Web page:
Acquired torticollis:
Acquired torticollis occurs because of another problem and usually presents in previously normal children and adults…..

*A self-limiting spontaneously occurring form of torticollis with one or more painful neck muscles is by far the most common (‘stiff neck’) and will pass spontaneously in 1–4 weeks. Usually the sternocleidomastoid muscle or the trapezius muscle is involved. Sometimes draughts, colds or unusual postures are implicated; however in many cases no clear cause is found. These episodes are rarely seen by doctors other than a family physician.

*Trauma to the neck can cause atlantoaxial rotatory subluxation, in which the two vertebrae closest to the skull slide with respect to each other, tearing stabilizing ligaments; this condition is treated with traction to reduce the subluxation, followed by bracing or casting until the ligamentous injury heals.

*Tumors of the skull base (posterior fossa tumors) can compress the nerve supply to the neck and cause torticollis, and these problems must be treated surgically.

*Infections in the posterior pharynx can irritate the nerves supplying the neck muscles and cause torticollis, and these infections may be treated with antibiotics if they are not too severe, but could require surgical debridement in intractable cases.

*Ear infections and surgical removal of the adenoids can cause an entity known as Grisel’s syndrome, a subluxation of the upper cervical joints, mostly the atlantoaxial joint, due to inflammatory laxity of the ligaments caused by an infection. This bridge must either be broken through manipulation of the neck, or surgically resected.

*The use of certain drugs, such as antipsychotics, can cause torticollis.

*Antiemetics – Neuroleptic Class – Phenothiazines

There are many other rare causes of torticollis.

Spasmodic torticollis:
Torticollis with recurrent but transient contraction of the muscles of the neck and esp. of the sternocleidomastoid. “intermittent torticollis . “cervical dystonia”

TREATMENT: Botulinum toxin has been used to inhibit the spastic contractions of the affected muscles.

In animals:.CLICK & SEE
The condition can also occur in animals, usually as a result of an inner ear infection but sometimes as a result of an injury. It is seen largely in domestic rodents and rabbits, but may also appear in dogs and other different animals.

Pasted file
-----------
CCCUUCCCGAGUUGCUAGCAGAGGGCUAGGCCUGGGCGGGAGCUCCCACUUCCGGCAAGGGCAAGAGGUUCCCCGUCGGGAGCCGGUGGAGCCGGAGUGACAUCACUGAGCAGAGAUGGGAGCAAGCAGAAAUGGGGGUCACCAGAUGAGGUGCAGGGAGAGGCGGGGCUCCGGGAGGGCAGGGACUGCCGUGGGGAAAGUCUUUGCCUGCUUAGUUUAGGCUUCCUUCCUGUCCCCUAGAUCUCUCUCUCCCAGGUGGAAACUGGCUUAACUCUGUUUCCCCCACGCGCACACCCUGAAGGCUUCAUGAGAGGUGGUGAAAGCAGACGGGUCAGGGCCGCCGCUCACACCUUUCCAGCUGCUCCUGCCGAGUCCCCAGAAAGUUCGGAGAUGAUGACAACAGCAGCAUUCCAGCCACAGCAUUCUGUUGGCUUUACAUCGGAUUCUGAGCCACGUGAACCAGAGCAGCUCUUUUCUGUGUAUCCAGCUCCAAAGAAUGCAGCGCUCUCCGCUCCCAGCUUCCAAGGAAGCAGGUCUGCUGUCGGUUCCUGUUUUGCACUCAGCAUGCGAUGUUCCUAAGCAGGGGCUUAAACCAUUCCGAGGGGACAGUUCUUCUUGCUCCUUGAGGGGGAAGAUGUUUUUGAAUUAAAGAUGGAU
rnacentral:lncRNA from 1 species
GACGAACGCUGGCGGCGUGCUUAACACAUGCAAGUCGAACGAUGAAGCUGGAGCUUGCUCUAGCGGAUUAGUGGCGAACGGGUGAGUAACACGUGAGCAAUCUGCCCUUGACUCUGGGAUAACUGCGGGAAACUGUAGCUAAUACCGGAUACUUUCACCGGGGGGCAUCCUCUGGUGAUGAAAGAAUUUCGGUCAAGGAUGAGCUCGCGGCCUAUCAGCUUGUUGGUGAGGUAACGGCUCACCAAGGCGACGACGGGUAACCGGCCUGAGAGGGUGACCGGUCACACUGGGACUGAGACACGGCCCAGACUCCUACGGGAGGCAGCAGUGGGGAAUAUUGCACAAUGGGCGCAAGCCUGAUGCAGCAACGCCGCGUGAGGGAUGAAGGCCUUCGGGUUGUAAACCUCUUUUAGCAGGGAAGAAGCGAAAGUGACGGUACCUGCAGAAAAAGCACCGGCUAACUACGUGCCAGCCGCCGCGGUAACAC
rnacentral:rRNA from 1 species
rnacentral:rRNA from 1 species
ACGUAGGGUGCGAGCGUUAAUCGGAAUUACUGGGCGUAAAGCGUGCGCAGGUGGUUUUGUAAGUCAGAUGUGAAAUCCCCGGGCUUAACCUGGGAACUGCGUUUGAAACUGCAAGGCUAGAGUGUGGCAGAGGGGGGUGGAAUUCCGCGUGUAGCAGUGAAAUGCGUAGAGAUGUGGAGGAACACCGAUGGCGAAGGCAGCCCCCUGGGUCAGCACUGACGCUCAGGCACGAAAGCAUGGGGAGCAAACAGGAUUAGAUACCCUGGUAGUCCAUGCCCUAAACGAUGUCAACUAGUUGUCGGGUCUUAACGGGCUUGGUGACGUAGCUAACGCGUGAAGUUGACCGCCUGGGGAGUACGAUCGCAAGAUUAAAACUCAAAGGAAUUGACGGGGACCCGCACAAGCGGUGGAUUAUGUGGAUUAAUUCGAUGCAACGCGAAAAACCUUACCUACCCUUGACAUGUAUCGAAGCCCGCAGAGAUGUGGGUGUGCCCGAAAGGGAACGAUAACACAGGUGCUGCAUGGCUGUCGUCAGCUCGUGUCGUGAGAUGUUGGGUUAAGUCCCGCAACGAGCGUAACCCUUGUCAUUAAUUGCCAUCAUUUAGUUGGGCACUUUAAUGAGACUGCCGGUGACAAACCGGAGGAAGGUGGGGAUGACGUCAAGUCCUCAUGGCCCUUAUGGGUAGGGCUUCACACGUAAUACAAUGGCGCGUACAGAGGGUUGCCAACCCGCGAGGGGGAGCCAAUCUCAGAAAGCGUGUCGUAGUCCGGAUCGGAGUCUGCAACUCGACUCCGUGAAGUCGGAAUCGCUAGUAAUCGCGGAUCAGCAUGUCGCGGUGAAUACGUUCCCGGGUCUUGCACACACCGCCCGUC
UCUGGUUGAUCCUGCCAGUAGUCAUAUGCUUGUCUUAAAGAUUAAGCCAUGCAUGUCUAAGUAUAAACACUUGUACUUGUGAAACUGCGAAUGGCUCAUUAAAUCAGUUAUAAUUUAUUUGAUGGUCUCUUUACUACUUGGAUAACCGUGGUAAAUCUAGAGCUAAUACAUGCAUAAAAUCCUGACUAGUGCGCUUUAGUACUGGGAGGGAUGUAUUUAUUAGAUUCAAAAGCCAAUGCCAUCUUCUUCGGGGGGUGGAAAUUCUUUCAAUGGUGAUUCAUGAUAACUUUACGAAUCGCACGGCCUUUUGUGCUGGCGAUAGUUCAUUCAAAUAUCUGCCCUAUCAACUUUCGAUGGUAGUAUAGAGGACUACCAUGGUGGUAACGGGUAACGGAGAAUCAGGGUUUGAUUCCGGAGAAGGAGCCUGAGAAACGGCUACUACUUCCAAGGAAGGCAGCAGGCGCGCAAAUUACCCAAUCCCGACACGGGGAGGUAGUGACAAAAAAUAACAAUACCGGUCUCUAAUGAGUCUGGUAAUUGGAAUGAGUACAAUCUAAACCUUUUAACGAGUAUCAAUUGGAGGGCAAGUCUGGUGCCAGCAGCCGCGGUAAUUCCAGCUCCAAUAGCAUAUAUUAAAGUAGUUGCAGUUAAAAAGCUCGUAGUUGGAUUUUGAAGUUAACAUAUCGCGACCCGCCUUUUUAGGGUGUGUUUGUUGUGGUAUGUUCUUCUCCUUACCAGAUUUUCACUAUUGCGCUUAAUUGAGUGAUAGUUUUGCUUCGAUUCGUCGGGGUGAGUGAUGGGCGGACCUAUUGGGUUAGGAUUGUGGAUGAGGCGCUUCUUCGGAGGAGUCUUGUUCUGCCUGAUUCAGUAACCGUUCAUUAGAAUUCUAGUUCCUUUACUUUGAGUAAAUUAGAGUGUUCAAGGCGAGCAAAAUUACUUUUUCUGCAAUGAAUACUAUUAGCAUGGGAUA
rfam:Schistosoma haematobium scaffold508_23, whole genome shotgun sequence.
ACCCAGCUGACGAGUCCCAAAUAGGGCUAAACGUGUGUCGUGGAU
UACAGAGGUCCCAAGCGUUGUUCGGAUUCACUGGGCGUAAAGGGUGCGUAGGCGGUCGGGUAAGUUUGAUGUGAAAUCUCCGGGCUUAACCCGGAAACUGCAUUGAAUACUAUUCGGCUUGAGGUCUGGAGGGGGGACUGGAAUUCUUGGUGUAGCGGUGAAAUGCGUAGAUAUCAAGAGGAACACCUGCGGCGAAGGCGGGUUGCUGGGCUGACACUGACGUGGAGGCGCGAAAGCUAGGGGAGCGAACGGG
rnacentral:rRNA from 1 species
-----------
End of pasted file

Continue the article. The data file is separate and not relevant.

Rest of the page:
Possible ComplicationsComplications may include:

•Muscle swelling due to constant tension
•Neurological symptoms due to compressed nerve roots

Prognosis:
The condition may be easier to correct in infants and children. If the condition becomes chronic, numbness and tingling may develop as nerve roots become compressed in the neck.

The muscle itself may become large (hypertrophic) due to constant stimulation and exercise.

Botulinum toxin injections often provide substantial relief.

Disclaimer: This information is not meant to be a substitute for professional medical advise or help. It is always best to consult with a Physician about serious health concerns. This information is in no way intended to diagnose or prescribe remedies.This is purely for educational purpose

Resources:

http://en.wikipedia.org/wiki/Torticollis

http://www.nlm.nih.gov/medlineplus/ency/article/000749.htm

http://www.umm.edu/imagepages/19090.htm

http://commons.wikimedia.org/wiki/File:Sternocleidomastoideus.png

Enhanced by Zemanta

Hydrocephalus

Definition:
Hydrocephalus (pronounced hi-dro-SEF-a-lus) is a potentially harmful build up of cerebrospinal fluid (CSF) in parts of the brain.
CLICK & SEE THE PICTURES…………

Images from a patient with normal pressure hyd...

Images from a patient with normal pressure hydrocephalus (NPH) showing pulsations of CSF with heartbeat. (Photo credit: Wikipedia)

Cerebrospinal fluid (CSF)A clear fluid produced in the brain’s ventricular system – the four cavities in the brain. It travels throughout the brain and in the area outside the brain and spinal cord. It bathes and protects or cushions the brain and spinal cord.

Hydrocephalus literally means water (hydro) in the head (cephalus). It is sometimes called water on the brain. The “water” is actually cerebrospinal fluid. Cerebrospinal fluid is normally present in areas both inside and outside the brain.

Children with hydrocephalus have too much cerebrospinal fluid in the areas of the brain called ventricles.

Ventricles are four small cavities in the brain that produce cerebrospinal fluid (CSF). This fluid flows through the ventricles to the area around the brain and spinal cord.
.

The ventricles store and circulate cerebrospinal fluid. Children with hydrocephalus may also have extra fluid in spaces between the brain and the skull called the  subarachnoid spaces

Subarachnoid spaces  are the spaces lie between the three membranes protecting the brain. Cerebrospinal fluid moves through these spaces. Delicate connective tissue extends across them.

When a child’s cerebrospinal fluid cannot flow or be reabsorbed properly, it builds up. This makes the ventricles bigger and puts pressure on the tissues of the brain

Hydrocephalus is sometimes present at birth, although it may develop later. About 1 out of 500 children is born with the disorder. The outlook if  some one has hydrocephalus depends on how quickly the condition is diagnosed and whether any underlying disorders are present.

 

Symptoms:
The signs and symptoms of hydrocephalus vary by age group and disease progression.

In infants, common signs and symptoms of hydrocephalus include:

*An unusually large head
*A rapid increase in the size of the head
*A bulging “soft spot” on the top of the head
*Vomiting
*Sleepiness
*Irritability
*Seizures
*Eyes fixed downward (sunsetting of the eyes)
*Developmental delay

In older children and adults, common signs and symptoms of hydrocephalus include:

*Headache followed by vomiting
*Nausea
*Blurred or double vision
*Eyes fixed downward (sunsetting of the eyes)